Waid’s impact far beyond one contest


Mark Waid sat at a table with three of his teammates in the underbelly of Tom Benson Hall of Fame Stadium, awaiting questions from a few area reporters. His body language dictated he’d rather be someplace else instead of having an Ohio High School Athletic Association microphone in front of his face, which I couldn’t blame him.

It was one of the few times the 6-foot-3, 215-pound Girard High School senior quarterback had his helmet off all night. Waid took his fair share of bumps and bruises following a 42-14 loss in the Division IV state championship game against a fiercely competitive Cincinnati Wyoming team, but so did his teammates.

It’s been a unified front all year, even though Waid has been the face of this Indians football team for the past three seasons. He is as humble of a person as you will meet. Seriously, I’m not trying to be nice. Waid is thankful he plays for this Girard team which made it to the state championship game for the first time in school history, not because of the notoriety, but the relationships he’s cultivated.

A runner-up trophy is sometimes said to be the first loser, but that’s further from the truth here. This Indians team superseded expectations of those outside the tight-knit walls of the Girard community. Those in this southern Trumbull County town knew better, well aware of the potential of this group of dedicated young men. Seniors, some who have played in the youth leagues since 8 or 9 years old, pointed to this time, playing for a state championship.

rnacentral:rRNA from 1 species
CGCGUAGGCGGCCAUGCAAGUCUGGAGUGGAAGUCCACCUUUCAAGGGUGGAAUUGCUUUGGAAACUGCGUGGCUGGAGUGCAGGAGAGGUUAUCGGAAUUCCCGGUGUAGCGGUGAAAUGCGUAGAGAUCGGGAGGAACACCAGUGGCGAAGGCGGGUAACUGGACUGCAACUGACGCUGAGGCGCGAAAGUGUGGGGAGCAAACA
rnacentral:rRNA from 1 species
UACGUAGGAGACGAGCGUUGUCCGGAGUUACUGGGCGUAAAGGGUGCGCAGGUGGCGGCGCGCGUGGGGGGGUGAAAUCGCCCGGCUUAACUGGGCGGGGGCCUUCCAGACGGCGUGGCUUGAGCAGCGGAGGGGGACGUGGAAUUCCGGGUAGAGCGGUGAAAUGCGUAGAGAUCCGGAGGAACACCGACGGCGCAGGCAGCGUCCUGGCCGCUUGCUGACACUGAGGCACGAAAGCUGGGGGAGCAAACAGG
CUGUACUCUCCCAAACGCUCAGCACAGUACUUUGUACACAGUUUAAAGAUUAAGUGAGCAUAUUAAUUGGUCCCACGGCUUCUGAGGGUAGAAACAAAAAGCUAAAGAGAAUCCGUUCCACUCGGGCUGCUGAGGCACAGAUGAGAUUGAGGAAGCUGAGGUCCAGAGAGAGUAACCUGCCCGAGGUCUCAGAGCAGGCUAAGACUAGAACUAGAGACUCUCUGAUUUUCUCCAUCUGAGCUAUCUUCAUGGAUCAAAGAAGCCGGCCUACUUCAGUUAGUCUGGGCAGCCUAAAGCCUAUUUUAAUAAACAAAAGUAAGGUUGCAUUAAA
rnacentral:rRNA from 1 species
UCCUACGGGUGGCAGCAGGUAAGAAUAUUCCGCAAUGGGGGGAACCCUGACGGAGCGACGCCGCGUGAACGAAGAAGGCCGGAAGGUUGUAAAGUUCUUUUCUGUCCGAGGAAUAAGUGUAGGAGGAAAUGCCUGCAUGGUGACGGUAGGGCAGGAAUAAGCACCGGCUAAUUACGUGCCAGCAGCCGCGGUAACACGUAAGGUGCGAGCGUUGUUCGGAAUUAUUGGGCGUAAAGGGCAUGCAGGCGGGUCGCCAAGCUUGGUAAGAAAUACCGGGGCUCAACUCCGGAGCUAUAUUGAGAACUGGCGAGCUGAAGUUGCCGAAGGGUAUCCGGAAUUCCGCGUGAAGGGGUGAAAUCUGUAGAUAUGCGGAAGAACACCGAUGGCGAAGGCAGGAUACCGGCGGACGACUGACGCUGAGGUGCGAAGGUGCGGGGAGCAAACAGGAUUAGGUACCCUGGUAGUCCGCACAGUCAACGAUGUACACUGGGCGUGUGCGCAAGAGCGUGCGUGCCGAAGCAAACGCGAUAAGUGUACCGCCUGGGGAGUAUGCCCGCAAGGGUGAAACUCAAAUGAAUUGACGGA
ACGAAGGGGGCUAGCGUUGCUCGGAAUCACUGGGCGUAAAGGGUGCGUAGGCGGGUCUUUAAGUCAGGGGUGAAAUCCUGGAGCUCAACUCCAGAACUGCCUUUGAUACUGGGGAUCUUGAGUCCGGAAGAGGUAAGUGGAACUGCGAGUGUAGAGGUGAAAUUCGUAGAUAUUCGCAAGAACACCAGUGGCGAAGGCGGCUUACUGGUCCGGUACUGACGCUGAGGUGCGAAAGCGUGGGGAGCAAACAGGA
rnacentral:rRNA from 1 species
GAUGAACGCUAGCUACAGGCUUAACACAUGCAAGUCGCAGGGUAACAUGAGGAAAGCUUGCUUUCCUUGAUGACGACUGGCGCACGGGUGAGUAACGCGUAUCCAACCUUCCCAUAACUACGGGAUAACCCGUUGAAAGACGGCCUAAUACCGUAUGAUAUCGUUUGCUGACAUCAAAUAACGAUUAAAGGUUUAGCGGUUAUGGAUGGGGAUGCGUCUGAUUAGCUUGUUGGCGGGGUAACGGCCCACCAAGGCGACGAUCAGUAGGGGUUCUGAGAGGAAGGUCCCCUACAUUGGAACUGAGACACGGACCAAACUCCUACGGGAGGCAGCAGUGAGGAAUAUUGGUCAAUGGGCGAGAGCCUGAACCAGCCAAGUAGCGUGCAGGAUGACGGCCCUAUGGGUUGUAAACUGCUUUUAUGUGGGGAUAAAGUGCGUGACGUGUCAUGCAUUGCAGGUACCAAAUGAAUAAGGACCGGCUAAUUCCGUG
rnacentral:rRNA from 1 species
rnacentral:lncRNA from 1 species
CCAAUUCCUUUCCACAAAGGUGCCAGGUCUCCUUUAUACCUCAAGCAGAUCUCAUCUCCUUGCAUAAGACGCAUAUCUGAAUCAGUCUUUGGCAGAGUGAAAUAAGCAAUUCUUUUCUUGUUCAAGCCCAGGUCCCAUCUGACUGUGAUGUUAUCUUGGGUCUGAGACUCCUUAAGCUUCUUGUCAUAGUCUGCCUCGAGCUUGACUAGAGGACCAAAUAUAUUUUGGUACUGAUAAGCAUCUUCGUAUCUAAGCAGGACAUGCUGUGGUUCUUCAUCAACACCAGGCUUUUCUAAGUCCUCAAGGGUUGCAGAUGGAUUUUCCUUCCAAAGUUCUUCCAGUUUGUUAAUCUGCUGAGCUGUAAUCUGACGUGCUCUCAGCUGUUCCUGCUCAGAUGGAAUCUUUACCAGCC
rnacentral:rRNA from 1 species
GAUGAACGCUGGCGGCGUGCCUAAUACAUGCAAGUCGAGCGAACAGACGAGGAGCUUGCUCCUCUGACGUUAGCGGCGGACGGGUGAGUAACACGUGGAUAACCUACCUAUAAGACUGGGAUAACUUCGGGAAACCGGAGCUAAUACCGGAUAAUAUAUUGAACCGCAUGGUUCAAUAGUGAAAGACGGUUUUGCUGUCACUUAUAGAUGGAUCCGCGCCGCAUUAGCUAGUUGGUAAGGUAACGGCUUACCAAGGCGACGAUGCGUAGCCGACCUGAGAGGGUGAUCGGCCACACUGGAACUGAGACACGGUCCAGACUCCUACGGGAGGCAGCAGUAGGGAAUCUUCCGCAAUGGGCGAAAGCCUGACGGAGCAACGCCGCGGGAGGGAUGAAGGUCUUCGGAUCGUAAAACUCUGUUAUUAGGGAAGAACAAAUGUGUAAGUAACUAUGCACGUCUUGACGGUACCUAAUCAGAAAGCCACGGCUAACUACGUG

Waid joined the Girard brotherhood just prior to high school and grew in the Indians culture, quickly becoming one with this community, enveloping its blue-collar traits.

Maybe it was the moment, seeing Wyoming celebrate on the same field? Not surprisingly, Waid took full responsibility for Saturday’s loss, apologizing to his adopted town, teammates and coaches. The honor to wear the red and black was his. He just wanted to make his team and family proud. Coach Pat Pearson let his forlorn leader know what he meant.

“I told Marky it’s his fault, it is his fault we’re in the state championship,” Pearson said. “This kid is unbelievable, heart and soul. Most unselfish kid I’ve ever been around.

“I love him.”

I understand what Waid wanted to convey, but he missed his long-term impact. He ranks top 15 in the nation in passing yards. Waid has more than 11,000 passing and 4,000 rushing yards in his playing career at Girard. More than the numbers, he made everyone around him that much better, working with them tirelessly in the offseason. That is the true definition of a leader.

He has nothing to apologize for Saturday’s game, noble as his intention may have been. I’m sure his teammates, coaches and people of Girard would echo the same sentiments. Waid led this year’s pride of the Mahoning Valley into a state championship game, earning respect week by week. Waid, Aidan Warga, Jack DelGarbino, Morgan Clardy and a host of other offensive and defensive players from Girard won’t be defined by one game, not around here.

Waid is verbally committed to Fordham University in the Bronx, N.Y., but Youngstown State University has offered the offensive juggernaut. This area, me included, would love to see Waid trade in the red and black of Girard for the same colors donned by YSU. The earliest Waid can sign with his university of choice is December 19.

Wherever he goes, the pain of Saturday’s loss is going to linger in his mind.

“Not a day is going to go by where I’m not going to regret tonight, where I second guess everything,” Waid said. “I’m going to use that motivation for my career and every day life.”

The next chapter in Waid’s journey is a must read of this unfinished novel.